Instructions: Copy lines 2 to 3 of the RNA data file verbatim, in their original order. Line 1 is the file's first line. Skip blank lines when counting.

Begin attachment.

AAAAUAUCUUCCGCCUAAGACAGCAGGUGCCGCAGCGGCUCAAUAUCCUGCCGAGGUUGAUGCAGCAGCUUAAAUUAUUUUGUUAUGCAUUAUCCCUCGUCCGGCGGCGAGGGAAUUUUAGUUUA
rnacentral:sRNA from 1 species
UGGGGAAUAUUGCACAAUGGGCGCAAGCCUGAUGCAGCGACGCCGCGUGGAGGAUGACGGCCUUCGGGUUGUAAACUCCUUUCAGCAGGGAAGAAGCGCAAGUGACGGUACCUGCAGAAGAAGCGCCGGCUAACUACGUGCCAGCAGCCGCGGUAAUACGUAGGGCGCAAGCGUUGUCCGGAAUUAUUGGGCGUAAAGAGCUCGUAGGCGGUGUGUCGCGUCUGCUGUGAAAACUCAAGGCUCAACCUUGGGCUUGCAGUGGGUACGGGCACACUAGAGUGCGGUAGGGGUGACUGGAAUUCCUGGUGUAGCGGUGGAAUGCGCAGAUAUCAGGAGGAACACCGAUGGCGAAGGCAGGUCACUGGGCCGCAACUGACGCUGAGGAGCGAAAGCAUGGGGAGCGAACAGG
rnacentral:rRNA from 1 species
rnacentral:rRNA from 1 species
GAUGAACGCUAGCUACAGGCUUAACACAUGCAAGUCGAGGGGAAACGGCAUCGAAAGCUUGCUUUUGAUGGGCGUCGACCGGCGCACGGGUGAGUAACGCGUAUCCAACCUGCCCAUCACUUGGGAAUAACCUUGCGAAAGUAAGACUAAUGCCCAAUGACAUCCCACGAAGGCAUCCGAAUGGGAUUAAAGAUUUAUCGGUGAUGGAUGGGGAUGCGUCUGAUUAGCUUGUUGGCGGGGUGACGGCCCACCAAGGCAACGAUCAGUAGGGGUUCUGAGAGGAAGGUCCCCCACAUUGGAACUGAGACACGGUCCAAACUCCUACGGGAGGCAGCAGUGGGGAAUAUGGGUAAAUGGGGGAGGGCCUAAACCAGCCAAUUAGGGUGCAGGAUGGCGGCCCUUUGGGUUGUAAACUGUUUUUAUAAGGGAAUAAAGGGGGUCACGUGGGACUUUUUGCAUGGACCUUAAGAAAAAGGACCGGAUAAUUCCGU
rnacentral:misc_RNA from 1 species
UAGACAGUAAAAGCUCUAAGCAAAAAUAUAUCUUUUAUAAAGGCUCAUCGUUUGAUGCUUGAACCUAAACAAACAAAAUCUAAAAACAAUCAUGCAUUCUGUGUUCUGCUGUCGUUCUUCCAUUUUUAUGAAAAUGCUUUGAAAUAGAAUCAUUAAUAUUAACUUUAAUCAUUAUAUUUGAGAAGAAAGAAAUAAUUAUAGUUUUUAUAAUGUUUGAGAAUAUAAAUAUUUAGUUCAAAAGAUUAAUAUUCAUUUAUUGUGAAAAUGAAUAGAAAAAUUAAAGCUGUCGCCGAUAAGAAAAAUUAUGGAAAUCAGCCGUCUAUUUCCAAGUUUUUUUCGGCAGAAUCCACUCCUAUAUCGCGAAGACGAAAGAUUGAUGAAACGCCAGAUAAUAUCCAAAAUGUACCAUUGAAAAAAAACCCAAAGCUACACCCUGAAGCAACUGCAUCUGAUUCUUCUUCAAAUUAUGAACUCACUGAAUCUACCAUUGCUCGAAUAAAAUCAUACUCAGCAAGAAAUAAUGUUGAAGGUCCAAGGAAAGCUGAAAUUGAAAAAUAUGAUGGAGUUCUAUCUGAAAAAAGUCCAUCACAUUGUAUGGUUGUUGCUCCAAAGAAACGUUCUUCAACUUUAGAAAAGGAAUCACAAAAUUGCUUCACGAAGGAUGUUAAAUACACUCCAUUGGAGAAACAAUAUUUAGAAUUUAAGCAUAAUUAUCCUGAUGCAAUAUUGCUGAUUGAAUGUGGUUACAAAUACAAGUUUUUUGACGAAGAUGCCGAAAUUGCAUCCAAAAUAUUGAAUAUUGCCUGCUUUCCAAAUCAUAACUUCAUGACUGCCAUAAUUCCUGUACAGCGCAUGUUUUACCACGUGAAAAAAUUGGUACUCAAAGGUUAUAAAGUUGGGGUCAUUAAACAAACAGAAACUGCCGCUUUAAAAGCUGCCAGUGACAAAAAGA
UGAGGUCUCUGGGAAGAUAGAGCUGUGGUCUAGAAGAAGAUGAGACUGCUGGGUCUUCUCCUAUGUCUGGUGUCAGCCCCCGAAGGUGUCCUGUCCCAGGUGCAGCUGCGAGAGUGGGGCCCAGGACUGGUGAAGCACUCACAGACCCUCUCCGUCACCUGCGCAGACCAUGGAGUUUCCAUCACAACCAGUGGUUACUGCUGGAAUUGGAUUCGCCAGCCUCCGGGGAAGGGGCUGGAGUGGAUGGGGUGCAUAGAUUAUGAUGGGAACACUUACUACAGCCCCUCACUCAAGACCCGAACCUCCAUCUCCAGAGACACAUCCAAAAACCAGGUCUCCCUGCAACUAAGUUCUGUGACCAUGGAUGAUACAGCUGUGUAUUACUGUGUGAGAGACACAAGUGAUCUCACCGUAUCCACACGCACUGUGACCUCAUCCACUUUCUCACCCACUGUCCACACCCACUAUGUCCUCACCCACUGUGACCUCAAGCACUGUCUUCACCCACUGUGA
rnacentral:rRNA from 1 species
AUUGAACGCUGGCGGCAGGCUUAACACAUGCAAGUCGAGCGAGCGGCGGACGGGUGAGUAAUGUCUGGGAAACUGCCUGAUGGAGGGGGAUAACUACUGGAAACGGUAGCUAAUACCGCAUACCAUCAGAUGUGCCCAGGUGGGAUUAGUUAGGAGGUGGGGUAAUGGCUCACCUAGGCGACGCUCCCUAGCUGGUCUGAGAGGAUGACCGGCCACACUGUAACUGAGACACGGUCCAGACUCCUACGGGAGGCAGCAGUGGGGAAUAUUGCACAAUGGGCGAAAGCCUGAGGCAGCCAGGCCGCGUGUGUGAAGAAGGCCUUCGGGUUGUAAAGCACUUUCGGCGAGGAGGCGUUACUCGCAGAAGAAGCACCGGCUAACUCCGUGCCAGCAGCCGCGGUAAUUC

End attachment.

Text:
rnacentral:sRNA from 1 species
UGGGGAAUAUUGCACAAUGGGCGCAAGCCUGAUGCAGCGACGCCGCGUGGAGGAUGACGGCCUUCGGGUUGUAAACUCCUUUCAGCAGGGAAGAAGCGCAAGUGACGGUACCUGCAGAAGAAGCGCCGGCUAACUACGUGCCAGCAGCCGCGGUAAUACGUAGGGCGCAAGCGUUGUCCGGAAUUAUUGGGCGUAAAGAGCUCGUAGGCGGUGUGUCGCGUCUGCUGUGAAAACUCAAGGCUCAACCUUGGGCUUGCAGUGGGUACGGGCACACUAGAGUGCGGUAGGGGUGACUGGAAUUCCUGGUGUAGCGGUGGAAUGCGCAGAUAUCAGGAGGAACACCGAUGGCGAAGGCAGGUCACUGGGCCGCAACUGACGCUGAGGAGCGAAAGCAUGGGGAGCGAACAGG